By Tim Graham
BEREA, Ohio -- Manti Te'o has spent the past few days sitting through seminars and listening to roundtables at the NFL Rookie Symposium.
With everything the San Diego Chargers linebacker has endured, he probably could stroll on stage and easily conduct a presentation of his own.
"I think everybody at this point could give a good seminar on media," Te'o said this morning at a Play 60 event on the Cleveland Browns' practice fields. "For me, I definitely could do something special."
His message: "Just be yourself. Treat people right, and they'll treat you right, too."
I asked Te'o if he'd want to return to next year's symposium as a speaker.
"Anything I can do to give back," Te'o replied. "Hopefully, I came back from the standpoint of a successful rookie season and then I can tell the next class what to do and what not to do."
Te'o became a mainstream media sensation while still at Notre Dame. Deadspin.com reported Jan. 16 the dead girlfriend who supposedly motivated was fictional.
Speculation swirled about whether Te'o was involved with the rouse or just embarrassingly oblivious for carrying on a lengthy online relationship with a woman he never met in person.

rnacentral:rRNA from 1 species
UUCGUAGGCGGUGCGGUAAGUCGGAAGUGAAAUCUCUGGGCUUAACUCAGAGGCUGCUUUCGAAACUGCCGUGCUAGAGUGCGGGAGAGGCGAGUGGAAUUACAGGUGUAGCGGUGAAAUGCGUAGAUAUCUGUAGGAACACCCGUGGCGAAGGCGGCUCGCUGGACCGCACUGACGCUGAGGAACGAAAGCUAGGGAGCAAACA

Ronaiah Tuiasosopo confessed to the hoax because he had fallen in love with Te'o. Tuiasosopo claimed Te'o knew nothing about the deception.
The scandal damaged Te'o's reputation forever.
"Always be aware that there are people out there to help you and people out there that might not necessarily want to help you," Te'o said.
Te'o entered the draft more media-worn than any other prospect, but he insisted he's still learning at the NFL Rookie Symposium.
"Keep your circle small," Te'o said of what he has taken away from the orientation. "As we all get into our next phase in our life, it's something we're not really used to.
"Remember the people who have always been there for you, and the most important thing to keep is your focus."
Te'o seemed particularly impacted by the presentation NBA player and drug addict Chris Herren delivered Monday.
"Oh, my gosh," Te'o said. "That was inspirational.
"It was real. It was him that lived it. It wasn't somebody telling somebody else's story. It's his story. For him to say it that way and to be vulnerable like that and to have the strength to go out there and tell people his darkest moments takes a lot of courage.
"For us to be in that moment with him was a special time."